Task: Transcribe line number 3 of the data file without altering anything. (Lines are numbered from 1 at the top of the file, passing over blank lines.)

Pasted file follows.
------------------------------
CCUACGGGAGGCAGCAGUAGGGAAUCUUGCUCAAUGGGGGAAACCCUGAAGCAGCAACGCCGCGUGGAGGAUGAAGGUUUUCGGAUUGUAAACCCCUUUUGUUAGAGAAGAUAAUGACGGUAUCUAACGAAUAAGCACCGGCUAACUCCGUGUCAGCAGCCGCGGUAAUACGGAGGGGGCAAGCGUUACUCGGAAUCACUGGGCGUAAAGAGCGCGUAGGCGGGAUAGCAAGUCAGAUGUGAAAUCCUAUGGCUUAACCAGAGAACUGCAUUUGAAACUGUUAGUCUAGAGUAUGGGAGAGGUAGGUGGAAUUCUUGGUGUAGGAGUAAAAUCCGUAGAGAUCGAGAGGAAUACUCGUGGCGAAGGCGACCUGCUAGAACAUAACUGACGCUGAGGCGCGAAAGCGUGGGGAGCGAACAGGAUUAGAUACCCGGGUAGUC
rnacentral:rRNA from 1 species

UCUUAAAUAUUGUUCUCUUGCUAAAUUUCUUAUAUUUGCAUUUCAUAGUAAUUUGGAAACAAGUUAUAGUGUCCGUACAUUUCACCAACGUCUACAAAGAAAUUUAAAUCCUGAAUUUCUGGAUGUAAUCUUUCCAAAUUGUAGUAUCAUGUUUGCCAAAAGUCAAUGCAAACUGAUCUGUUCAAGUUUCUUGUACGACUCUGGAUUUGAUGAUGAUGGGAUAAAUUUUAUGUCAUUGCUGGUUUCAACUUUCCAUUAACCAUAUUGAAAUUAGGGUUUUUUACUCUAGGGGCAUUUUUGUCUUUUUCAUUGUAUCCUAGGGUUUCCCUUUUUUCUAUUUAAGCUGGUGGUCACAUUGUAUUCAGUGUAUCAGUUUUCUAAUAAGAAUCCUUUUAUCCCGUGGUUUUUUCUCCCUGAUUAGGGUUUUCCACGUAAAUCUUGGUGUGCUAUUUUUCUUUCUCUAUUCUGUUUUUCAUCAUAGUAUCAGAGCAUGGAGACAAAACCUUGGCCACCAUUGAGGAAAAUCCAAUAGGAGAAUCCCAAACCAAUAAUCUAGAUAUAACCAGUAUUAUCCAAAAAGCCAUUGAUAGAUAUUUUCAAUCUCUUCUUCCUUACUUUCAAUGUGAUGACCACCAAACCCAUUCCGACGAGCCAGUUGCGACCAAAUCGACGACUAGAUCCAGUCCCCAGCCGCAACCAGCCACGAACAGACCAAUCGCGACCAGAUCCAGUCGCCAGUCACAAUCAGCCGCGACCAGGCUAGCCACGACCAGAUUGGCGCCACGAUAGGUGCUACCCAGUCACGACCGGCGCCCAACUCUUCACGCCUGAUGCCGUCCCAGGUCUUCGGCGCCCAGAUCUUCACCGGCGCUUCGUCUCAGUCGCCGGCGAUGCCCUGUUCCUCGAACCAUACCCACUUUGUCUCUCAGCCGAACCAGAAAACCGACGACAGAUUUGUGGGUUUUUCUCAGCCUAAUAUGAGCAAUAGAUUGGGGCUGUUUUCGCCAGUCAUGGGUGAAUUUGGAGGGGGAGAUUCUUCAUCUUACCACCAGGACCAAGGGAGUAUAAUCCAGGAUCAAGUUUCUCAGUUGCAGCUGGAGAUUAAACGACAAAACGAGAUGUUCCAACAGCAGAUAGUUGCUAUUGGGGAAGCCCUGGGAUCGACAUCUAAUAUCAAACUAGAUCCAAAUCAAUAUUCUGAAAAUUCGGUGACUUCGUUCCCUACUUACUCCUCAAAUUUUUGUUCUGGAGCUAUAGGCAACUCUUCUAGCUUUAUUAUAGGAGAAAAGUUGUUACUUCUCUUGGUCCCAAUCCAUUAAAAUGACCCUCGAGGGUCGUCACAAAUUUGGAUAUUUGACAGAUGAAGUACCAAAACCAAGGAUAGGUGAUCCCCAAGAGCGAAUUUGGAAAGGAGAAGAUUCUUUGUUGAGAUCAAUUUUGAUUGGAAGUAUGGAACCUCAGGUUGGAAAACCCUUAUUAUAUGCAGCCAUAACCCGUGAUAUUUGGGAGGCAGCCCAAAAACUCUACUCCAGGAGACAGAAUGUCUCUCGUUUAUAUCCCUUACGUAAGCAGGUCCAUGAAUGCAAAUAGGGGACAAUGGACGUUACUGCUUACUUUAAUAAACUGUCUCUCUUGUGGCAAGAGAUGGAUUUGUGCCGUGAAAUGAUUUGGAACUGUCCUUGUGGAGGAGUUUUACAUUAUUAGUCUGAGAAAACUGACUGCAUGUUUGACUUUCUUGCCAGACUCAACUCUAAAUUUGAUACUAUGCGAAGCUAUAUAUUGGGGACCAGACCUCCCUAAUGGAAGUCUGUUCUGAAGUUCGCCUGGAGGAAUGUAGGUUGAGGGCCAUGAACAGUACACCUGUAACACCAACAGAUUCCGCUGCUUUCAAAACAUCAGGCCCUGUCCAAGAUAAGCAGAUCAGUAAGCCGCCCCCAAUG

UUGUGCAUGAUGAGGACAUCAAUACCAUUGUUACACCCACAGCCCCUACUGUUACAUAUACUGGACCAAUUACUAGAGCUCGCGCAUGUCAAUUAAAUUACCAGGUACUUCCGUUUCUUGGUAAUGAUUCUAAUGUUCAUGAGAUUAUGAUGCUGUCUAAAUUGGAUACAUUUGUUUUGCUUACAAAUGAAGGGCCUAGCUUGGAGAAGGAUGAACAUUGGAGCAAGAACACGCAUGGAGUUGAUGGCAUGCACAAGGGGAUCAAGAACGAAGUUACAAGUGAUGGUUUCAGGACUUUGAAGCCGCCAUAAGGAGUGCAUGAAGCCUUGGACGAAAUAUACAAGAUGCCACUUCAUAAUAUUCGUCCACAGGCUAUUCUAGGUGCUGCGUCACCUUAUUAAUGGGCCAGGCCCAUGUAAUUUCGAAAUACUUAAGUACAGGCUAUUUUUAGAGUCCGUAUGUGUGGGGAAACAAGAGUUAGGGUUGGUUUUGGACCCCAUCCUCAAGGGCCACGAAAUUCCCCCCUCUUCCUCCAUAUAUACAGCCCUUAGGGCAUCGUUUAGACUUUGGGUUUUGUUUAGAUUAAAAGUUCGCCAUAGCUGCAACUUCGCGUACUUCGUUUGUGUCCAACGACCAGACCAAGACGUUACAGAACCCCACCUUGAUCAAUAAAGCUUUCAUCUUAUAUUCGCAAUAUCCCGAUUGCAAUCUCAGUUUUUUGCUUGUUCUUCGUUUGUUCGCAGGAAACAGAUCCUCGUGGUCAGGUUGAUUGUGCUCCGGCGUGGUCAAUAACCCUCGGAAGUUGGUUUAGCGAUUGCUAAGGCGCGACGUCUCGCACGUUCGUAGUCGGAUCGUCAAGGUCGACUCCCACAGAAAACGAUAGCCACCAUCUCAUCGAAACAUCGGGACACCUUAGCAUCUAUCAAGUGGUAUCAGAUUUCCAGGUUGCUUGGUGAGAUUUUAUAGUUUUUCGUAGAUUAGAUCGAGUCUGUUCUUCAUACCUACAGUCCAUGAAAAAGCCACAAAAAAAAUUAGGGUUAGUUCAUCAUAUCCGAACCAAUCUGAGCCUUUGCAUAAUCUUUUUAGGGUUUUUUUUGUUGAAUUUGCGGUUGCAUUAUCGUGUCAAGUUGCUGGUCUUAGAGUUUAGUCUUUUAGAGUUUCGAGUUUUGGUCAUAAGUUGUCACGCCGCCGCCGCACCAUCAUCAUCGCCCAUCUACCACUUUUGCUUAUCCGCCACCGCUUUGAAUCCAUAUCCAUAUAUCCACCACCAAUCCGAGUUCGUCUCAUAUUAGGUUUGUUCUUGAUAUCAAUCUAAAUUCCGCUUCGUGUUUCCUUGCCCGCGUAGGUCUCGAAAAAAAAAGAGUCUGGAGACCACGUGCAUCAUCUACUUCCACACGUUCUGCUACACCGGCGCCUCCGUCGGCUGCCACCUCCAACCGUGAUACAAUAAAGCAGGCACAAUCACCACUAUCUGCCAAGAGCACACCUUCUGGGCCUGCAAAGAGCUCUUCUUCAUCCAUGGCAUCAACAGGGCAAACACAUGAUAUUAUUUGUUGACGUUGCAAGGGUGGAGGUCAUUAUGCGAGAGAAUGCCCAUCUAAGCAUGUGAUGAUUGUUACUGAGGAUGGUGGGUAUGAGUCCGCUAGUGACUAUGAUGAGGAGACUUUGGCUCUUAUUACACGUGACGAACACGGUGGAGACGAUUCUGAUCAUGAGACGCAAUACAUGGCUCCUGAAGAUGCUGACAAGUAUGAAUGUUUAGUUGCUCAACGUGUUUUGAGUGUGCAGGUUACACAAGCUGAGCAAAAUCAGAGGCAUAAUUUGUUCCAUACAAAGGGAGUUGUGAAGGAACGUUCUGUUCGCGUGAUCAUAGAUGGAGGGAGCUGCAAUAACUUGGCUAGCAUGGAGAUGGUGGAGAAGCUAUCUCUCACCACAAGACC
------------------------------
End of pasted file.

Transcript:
UCUUAAAUAUUGUUCUCUUGCUAAAUUUCUUAUAUUUGCAUUUCAUAGUAAUUUGGAAACAAGUUAUAGUGUCCGUACAUUUCACCAACGUCUACAAAGAAAUUUAAAUCCUGAAUUUCUGGAUGUAAUCUUUCCAAAUUGUAGUAUCAUGUUUGCCAAAAGUCAAUGCAAACUGAUCUGUUCAAGUUUCUUGUACGACUCUGGAUUUGAUGAUGAUGGGAUAAAUUUUAUGUCAUUGCUGGUUUCAACUUUCCAUUAACCAUAUUGAAAUUAGGGUUUUUUACUCUAGGGGCAUUUUUGUCUUUUUCAUUGUAUCCUAGGGUUUCCCUUUUUUCUAUUUAAGCUGGUGGUCACAUUGUAUUCAGUGUAUCAGUUUUCUAAUAAGAAUCCUUUUAUCCCGUGGUUUUUUCUCCCUGAUUAGGGUUUUCCACGUAAAUCUUGGUGUGCUAUUUUUCUUUCUCUAUUCUGUUUUUCAUCAUAGUAUCAGAGCAUGGAGACAAAACCUUGGCCACCAUUGAGGAAAAUCCAAUAGGAGAAUCCCAAACCAAUAAUCUAGAUAUAACCAGUAUUAUCCAAAAAGCCAUUGAUAGAUAUUUUCAAUCUCUUCUUCCUUACUUUCAAUGUGAUGACCACCAAACCCAUUCCGACGAGCCAGUUGCGACCAAAUCGACGACUAGAUCCAGUCCCCAGCCGCAACCAGCCACGAACAGACCAAUCGCGACCAGAUCCAGUCGCCAGUCACAAUCAGCCGCGACCAGGCUAGCCACGACCAGAUUGGCGCCACGAUAGGUGCUACCCAGUCACGACCGGCGCCCAACUCUUCACGCCUGAUGCCGUCCCAGGUCUUCGGCGCCCAGAUCUUCACCGGCGCUUCGUCUCAGUCGCCGGCGAUGCCCUGUUCCUCGAACCAUACCCACUUUGUCUCUCAGCCGAACCAGAAAACCGACGACAGAUUUGUGGGUUUUUCUCAGCCUAAUAUGAGCAAUAGAUUGGGGCUGUUUUCGCCAGUCAUGGGUGAAUUUGGAGGGGGAGAUUCUUCAUCUUACCACCAGGACCAAGGGAGUAUAAUCCAGGAUCAAGUUUCUCAGUUGCAGCUGGAGAUUAAACGACAAAACGAGAUGUUCCAACAGCAGAUAGUUGCUAUUGGGGAAGCCCUGGGAUCGACAUCUAAUAUCAAACUAGAUCCAAAUCAAUAUUCUGAAAAUUCGGUGACUUCGUUCCCUACUUACUCCUCAAAUUUUUGUUCUGGAGCUAUAGGCAACUCUUCUAGCUUUAUUAUAGGAGAAAAGUUGUUACUUCUCUUGGUCCCAAUCCAUUAAAAUGACCCUCGAGGGUCGUCACAAAUUUGGAUAUUUGACAGAUGAAGUACCAAAACCAAGGAUAGGUGAUCCCCAAGAGCGAAUUUGGAAAGGAGAAGAUUCUUUGUUGAGAUCAAUUUUGAUUGGAAGUAUGGAACCUCAGGUUGGAAAACCCUUAUUAUAUGCAGCCAUAACCCGUGAUAUUUGGGAGGCAGCCCAAAAACUCUACUCCAGGAGACAGAAUGUCUCUCGUUUAUAUCCCUUACGUAAGCAGGUCCAUGAAUGCAAAUAGGGGACAAUGGACGUUACUGCUUACUUUAAUAAACUGUCUCUCUUGUGGCAAGAGAUGGAUUUGUGCCGUGAAAUGAUUUGGAACUGUCCUUGUGGAGGAGUUUUACAUUAUUAGUCUGAGAAAACUGACUGCAUGUUUGACUUUCUUGCCAGACUCAACUCUAAAUUUGAUACUAUGCGAAGCUAUAUAUUGGGGACCAGACCUCCCUAAUGGAAGUCUGUUCUGAAGUUCGCCUGGAGGAAUGUAGGUUGAGGGCCAUGAACAGUACACCUGUAACACCAACAGAUUCCGCUGCUUUCAAAACAUCAGGCCCUGUCCAAGAUAAGCAGAUCAGUAAGCCGCCCCCAAUG